Allergan - Allergan's BOTOX® Receives A Positive Opinion in Fourteen European Countries for Urinary Incontinence in Patients with MS or Spinal Cord Injury


    Allergan's survival strategy: Botox everlasting
    Botox is Allergan's edge over big pharmaceutical companies - Jun. 10, 2011

     
    Last edited: Aug 13, 2011
  4. Michael Scally MD

    Michael Scally MD Doctor of Medicine


    Unsuccessful Novel Treatment Of Female Pattern Androgenetic Alopecia With Injected Bimatoprost (Latisse)
    Michael Scally: Unsuccessful Novel Treatment Of Female Pattern Androgenetic Alopecia With Injected Bimatoprost (Latisse)
     
  5. Michael Scally MD

    Michael Scally MD Doctor of Medicine

    US sales of Botox continue to increase
    US sales of Botox continue to increase - FT.com

    Sales of Botox continue to be robust in the US despite a sluggish economy, as ageing US citizens increasingly turn to the wrinkle-erasing medicine to preserve their youthful appearances.

    David Pyott, chief executive of Allergan, told the Financial Times that during the depths of the recession in 2009, Botox users continued to stick with the product but used it less frequently. Typically, users receive a series of forehead injections every four months but the company noticed them spreading out treatments as unemployment rose and home prices fell.

    Botox generates $1.3bn in annual sales and was first approved 21 years ago for the treatment of eye muscle twitches.

    “During the recession, I used to say that for ladies, the face is the one outfit you wear every day,” Mr Pyott said. “Appearance is high on the list of priorities and people didn't stop unless they were in foreclosure or some dreadful circumstance.”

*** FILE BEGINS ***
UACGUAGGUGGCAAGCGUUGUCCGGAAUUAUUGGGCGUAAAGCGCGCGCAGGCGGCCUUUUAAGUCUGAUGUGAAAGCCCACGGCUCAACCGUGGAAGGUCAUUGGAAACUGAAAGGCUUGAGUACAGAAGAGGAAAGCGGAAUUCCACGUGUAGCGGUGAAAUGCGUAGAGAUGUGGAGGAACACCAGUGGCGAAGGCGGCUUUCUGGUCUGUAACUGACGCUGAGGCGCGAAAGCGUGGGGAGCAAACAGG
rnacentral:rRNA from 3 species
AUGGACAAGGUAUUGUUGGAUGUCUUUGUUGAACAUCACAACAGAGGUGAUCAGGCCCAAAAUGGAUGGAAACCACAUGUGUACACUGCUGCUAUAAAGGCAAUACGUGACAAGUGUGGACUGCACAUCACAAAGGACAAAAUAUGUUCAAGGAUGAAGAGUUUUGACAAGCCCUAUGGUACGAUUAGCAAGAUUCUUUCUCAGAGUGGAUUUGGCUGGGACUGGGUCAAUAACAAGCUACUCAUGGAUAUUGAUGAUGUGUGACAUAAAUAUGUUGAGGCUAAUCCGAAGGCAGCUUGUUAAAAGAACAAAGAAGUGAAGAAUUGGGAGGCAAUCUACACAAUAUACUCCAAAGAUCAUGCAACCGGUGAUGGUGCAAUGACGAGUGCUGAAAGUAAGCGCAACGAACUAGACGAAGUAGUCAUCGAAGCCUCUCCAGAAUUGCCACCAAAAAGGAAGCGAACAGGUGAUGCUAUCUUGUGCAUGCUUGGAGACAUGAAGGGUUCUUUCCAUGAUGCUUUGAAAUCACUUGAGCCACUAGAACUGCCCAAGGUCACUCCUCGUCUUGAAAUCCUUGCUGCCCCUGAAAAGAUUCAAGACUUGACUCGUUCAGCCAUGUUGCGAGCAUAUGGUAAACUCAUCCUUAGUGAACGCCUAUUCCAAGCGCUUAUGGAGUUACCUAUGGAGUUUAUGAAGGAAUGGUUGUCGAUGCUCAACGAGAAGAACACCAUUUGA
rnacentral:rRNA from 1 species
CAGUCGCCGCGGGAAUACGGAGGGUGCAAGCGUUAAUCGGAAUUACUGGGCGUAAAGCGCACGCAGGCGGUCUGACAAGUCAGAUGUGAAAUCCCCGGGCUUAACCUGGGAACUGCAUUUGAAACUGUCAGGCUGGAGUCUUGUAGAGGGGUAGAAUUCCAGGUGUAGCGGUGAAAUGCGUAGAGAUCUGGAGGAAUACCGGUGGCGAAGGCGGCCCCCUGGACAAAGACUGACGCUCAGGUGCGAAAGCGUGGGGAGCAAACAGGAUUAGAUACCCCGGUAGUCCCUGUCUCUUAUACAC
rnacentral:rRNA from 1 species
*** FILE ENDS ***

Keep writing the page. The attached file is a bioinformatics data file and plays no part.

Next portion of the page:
Botox sales are up 13 per cent so far this year compared with the same period a year ago. Meanwhile, sales of fillers, used to reduce creases around the mouth, and breast implants have also continued to be strong for Allergan.

    The company attributes its prowess to the fact that users of its cosmetic products and procedures tend to earn more than $70,000, putting them in a demographic that tends to purchase luxury goods and be more recession-resistant.

    But Mr Pyott stressed that Botox is much more than a facial fix, noting that it has 23 uses around the world and has been approved for seven medical conditions in the US. Last month, US health regulators approved Botox for the treatment of overactive bladders, and Allergan said it could be used to shrink prostates, relieve arthritis and alleviate an extreme constipation condition known as anal fissure.

    Allergan is also stepping up its efforts to find a baldness treatment, which is seen by many analysts to be among the biggest prizes in pharmaceutical research.

    Mr Pyott hopes that a medicine called Latisse could be its next Botox, and the company is using the same model of capitalising on unintended side-effects to help it evolve into a potential blockbuster drug.

    Latisse was originally designed as a drug to treat glaucoma but patients realised it was lengthening their eyelashes. It was approved for that use three years ago, and now Mr Pyott has told his research team to speed up their efforts to determine if the medicine can successfully regrow eyebrows and scalp hair, as it has anecdotally been shown to do.

    “If it works on male and female baldness, that’s a big deal,” Mr Pyott said.